This Netflix case study solution can be researched from the perspective of an adaptation of the business to changing conditions, following trends, the correct definition of the needs of consumers and the formation of a demanded proposal, combining all this with pleasant bonuses and opportunities to test the service.In 2007, Netflix began to distribute streaming video, which turned it into one of the largest companies in the world. The transition to the new model was due to the fact that Hastings understood: DVD is not the only way to distribute content, and with the advent of cloud services, most of the information has been stored on the Internet. There was a new niche that his company could fill. The founders of the company second time caught the current trend and were able to infiltrate into a virtually empty niche.

Also read  Netflix Case Study Assignment

Netflix is a great example of a company with a flexible business model that managed to conquer a selected market. From the very beginning, the service, despite the presence of strong competitors, was able to grope its niche and the advantages that ensured its further development. This applies, for example, to a very loyal system of change, when any change, before entering into force, passes through an audit of the audience. With negative reviews, innovation is mostly canceled. This approach from the very beginning has served the company a good service and continues to be useful until now.

Another important feature of Netflix is the high-quality selection of content, taking into account the user’s interests. Everything is analyzed: from user preferences to the service itself to the most popular movies from pirated sites. As a result, the company perfectly understands its own audience and offers it the most popular products.;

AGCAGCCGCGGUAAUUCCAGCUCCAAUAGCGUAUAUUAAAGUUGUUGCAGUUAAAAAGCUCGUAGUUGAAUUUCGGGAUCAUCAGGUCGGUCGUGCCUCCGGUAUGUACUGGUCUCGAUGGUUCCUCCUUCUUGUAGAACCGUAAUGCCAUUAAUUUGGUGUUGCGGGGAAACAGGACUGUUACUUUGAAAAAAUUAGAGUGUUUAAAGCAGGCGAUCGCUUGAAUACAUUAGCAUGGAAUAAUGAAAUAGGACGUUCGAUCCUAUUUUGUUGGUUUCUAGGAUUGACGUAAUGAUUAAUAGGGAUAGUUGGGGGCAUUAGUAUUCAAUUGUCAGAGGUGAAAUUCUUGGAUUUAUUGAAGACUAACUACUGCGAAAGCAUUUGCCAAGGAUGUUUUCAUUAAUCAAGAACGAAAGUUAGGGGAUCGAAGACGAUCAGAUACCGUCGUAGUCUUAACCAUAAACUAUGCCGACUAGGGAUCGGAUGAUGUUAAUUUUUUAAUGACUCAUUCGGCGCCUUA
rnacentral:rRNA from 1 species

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Case study Blockbuster: Why is it necessary to innovate?

Case study Blockbuster: Why is it necessary to innovate?

Blockbuster was an American video store franchise, specializing in movie and video game rentals through physical stores , mail-order, and on-demand services, during the 1990s and early 2000s. It was very thriving and popular in the audiovisual industry and had very high profits. But one day, it made a bad decision when it had the chance to grow which resulted in bankruptcy.

<<< Case study Sega: When a competitor sweeps >>>

Once again we return to the case studies of very popular and profitable companies that, due to making bad decisions or being induced by very serious economic crises, ended up in bankruptcy. This time, we will talk about the Blockbuster case , its success story, a missed opportunity, and the disastrous consequences of letting it pass.

What was Blockbuster?

Blockbuster was founded in 1985 by David Cook , who ran a software company for oil companies in Texas. After a couple of years, and when that industry had run out of steam in the 1980s, his wife advised him to create a home theater rental franchise , which at the time, movie rentals were a highly profitable business.

To distinguish itself from the competition, its establishment adapted to the demand for a broader catalog of up to 6,500 references , longer rentals so that people could take more films, and greater inventory control through its automated system, with which detected consumer preferences. Quite a novelty for the time, which is why it was positioned as an avant-garde company in terms of video rentals.